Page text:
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BMW M240i

The independent BMW M235i video review

This is a sample, showing 30 seconds of each section.

    HEIR APPARENT (some text hidden)

    By Jonathan Crouch

    The BMW M240i is the sporting BMW coupe that flies under the radar and flies fast. Jonathan Crouch explains why.

    Ten Second Reviewword count: 55

    This M240i replaces BMW's previous M235i porting model, a performance orientated coupe or convertible that now features a pokier yet more efficient six cylinder petrol engine. As before, this a cracker of a driver's car that packs a 340bhp punch, is available with a choice of transmissions, is priced keenly and looks the part too.

    Backgroundword count: 129

    Back in 1985, BMW launched a car called the M3. There was nothing else quite like it, a racer for the road with four seats and everything Munich knew about motorsport technology plumbed into the lightweight engine beneath the bonnet. Driving it was a living, raw, involving experience - in a way that today's sharp-suited M3 can't quite duplicate, for all its extra power and sophistication. But here perhaps, is a BMW that can, the M240i. Yes, you read that right: we're ecommending the M240i here as an M3 alternative, not its pokier, pricier brother, the 410bhp M2 Competition. Don't get us wrong, we love the M2, but it's £53,000 asking price is high. For £11,000 less, this M240i goes virtually as fast and is almost as much fun.

    Driving Experienceword count: 196

    As you may be aware, we're big fans of this model's BMW 1 Series counterpart, the M135i. And why wouldn't we be? It's hugely quick and entertaining, but BMW has gone one better with the M240i, though the 340bhp output of the improved six cylinder engine is the same. It's got a lower centre of gravity, the shock absorbers and springs are just those few degrees tauter. You'll feel the benefit when you get onto the sort of roller coaster of a back road that's all yumps, dips and successive rapid direction changes. It promises to be a better car for British roads, that's for sure. It's properly rapid too. Now only offered with eight speed automatic transmission, it'll get to 62mph in a mere 4.7 seconds. Slick as this paddleshift auto is, we miss not having the option of a manual stick shift. Press the Sport button and you'll immediately notice the steering weight up and the throttle response sharpen. Press the button once more and you'll find Sport+, which partially disengages the stability control and offers an even spikier throttle pedal. Expect to be mercilessly harassed by these cars on foreseeable UK track days.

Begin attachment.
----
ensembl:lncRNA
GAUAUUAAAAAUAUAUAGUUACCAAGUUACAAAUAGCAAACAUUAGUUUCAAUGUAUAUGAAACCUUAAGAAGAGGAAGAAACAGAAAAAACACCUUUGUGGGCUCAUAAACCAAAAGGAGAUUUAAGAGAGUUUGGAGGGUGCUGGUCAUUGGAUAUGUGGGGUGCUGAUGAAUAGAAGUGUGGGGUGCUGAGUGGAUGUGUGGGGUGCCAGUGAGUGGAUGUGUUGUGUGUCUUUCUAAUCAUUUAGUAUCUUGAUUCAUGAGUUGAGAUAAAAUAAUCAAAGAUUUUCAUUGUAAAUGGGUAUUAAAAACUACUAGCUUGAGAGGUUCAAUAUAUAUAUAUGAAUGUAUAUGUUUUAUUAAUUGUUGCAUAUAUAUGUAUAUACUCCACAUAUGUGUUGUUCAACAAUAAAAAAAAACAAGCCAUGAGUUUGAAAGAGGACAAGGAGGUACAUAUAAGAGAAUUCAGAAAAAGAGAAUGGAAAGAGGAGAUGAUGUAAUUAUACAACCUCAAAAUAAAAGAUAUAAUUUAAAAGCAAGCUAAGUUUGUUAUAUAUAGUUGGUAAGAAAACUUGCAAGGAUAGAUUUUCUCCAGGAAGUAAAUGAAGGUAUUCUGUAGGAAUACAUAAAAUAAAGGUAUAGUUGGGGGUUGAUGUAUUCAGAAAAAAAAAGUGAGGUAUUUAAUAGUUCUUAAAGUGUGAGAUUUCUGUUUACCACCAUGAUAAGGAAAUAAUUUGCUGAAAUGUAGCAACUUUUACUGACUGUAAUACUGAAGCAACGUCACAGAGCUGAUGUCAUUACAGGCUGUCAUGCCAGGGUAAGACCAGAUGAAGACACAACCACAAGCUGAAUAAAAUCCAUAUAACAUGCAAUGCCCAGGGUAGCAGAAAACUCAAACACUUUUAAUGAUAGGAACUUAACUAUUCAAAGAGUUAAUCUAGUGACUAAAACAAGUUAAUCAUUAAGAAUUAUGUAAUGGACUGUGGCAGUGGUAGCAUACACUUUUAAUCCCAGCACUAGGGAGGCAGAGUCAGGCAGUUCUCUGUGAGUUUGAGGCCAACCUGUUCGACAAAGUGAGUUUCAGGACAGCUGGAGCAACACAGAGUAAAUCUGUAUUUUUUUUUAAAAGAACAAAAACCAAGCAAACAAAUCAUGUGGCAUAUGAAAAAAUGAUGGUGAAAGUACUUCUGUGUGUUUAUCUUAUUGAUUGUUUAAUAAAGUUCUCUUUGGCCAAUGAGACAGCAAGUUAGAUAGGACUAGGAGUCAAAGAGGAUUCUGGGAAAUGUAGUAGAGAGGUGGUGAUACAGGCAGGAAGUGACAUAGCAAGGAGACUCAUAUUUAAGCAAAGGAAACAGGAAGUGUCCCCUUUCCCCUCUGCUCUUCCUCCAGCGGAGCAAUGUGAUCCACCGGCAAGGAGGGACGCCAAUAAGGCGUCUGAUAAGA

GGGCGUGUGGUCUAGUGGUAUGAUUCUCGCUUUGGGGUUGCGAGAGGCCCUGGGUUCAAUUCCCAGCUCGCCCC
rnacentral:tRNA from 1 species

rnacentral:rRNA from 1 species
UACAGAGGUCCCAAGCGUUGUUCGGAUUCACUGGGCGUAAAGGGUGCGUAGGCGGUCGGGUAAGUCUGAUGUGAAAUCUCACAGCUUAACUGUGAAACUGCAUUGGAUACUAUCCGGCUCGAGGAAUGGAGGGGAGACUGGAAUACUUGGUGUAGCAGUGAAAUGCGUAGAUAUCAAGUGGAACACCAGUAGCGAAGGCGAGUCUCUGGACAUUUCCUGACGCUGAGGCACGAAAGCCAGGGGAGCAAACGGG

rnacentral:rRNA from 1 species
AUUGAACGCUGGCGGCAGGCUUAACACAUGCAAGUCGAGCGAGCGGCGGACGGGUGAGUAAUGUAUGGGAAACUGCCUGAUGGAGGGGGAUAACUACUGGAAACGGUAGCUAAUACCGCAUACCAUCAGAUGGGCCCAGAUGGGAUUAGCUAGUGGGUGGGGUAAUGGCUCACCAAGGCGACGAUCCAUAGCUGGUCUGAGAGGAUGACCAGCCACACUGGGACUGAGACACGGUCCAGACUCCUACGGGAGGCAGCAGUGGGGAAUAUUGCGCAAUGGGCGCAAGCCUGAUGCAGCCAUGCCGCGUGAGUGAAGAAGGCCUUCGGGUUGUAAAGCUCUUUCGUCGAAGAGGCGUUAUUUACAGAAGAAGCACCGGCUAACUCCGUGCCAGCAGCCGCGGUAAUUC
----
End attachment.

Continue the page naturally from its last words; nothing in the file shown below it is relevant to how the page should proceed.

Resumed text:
To see the full road test text contact us on 0330 0020 227

    Pictures (high res disabled)

    Statistics (subset of data only)

    Min

    Max

    Combined mpg:

    36.2

    39.8

    Extra urban mpg:

    45.6

    48.7

    Height (mm):

    1408

    Length (mm):

    4454

    Max Speed (mph):

    155

    Power (PS):

    340

    ... and 4 other stats available

    Scoring (subset of scores)

    Category: Sporting Cars

    Performance
    50%
    Handling
    80%
    Comfort
    70%
    Space
    60%
    Styling, Build, Value, Equipment, Depreciation, Handling, Insurance and Total scores are available with our full data feed.

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